Populations of a Connecticut River midge structured by geological history and downstream gene flow
Connecticut River midges in the genus Axarus are constrained to semi-isolated populations associated with submerged clay exposures, and gene flow between populations is restricted. I sampled larval midges from fifteen spatially separated sites in the Connecticut River and determined karyotypes for 3111 larvae in two closely related species. In one of these species, an undescribed species referred to as Axarus species varvestris, 5chromosomal rearrangements were present as polymorphisms. Four of these are paracentric inversions, and the fifth is a terminal insertion or deletion. I used chromosomal rearrangement frequencies to calculate Nei’s genetic distance measures for all pairwise population comparisons and I constructed a neighbor-joining phenetic tree for the populations using these distances. Genetic distance between populations of A. sp. varvestris increases with geographic separation, and tree structure indicates that restricted gene flow only occurs in a downstream direction. The effect of unidirectional (downstream)gene flow on population genetic structure in riverine midges is described here for the first time. A genetic break is apparent between populations associated with 12 000-year-ol sediments originating in different ancient lakes. The geological break between lakes also coincides with a break in the species composition of the Axarus populations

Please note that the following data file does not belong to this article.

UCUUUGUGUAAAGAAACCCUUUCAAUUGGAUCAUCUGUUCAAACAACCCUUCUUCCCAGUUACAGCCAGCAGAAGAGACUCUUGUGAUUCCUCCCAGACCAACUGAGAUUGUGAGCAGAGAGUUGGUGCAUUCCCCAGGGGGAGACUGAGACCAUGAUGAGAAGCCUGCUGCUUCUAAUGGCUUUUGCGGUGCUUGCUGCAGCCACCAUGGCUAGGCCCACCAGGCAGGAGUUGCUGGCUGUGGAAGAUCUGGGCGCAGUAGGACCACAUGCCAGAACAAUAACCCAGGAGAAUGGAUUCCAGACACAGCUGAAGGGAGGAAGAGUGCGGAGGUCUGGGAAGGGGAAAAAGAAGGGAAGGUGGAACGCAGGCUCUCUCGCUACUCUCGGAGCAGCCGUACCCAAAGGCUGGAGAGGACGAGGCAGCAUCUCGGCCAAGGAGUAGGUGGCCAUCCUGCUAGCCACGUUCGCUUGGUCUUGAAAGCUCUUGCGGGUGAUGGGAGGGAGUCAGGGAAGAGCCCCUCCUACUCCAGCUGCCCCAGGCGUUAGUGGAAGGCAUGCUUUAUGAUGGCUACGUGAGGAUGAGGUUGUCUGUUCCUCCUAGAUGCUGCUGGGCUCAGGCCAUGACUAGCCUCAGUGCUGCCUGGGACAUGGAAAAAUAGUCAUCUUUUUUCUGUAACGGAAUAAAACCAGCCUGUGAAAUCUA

Keywords:Axarus Chironomidae chromosome rearrangement genetic distance isolation subpopulation
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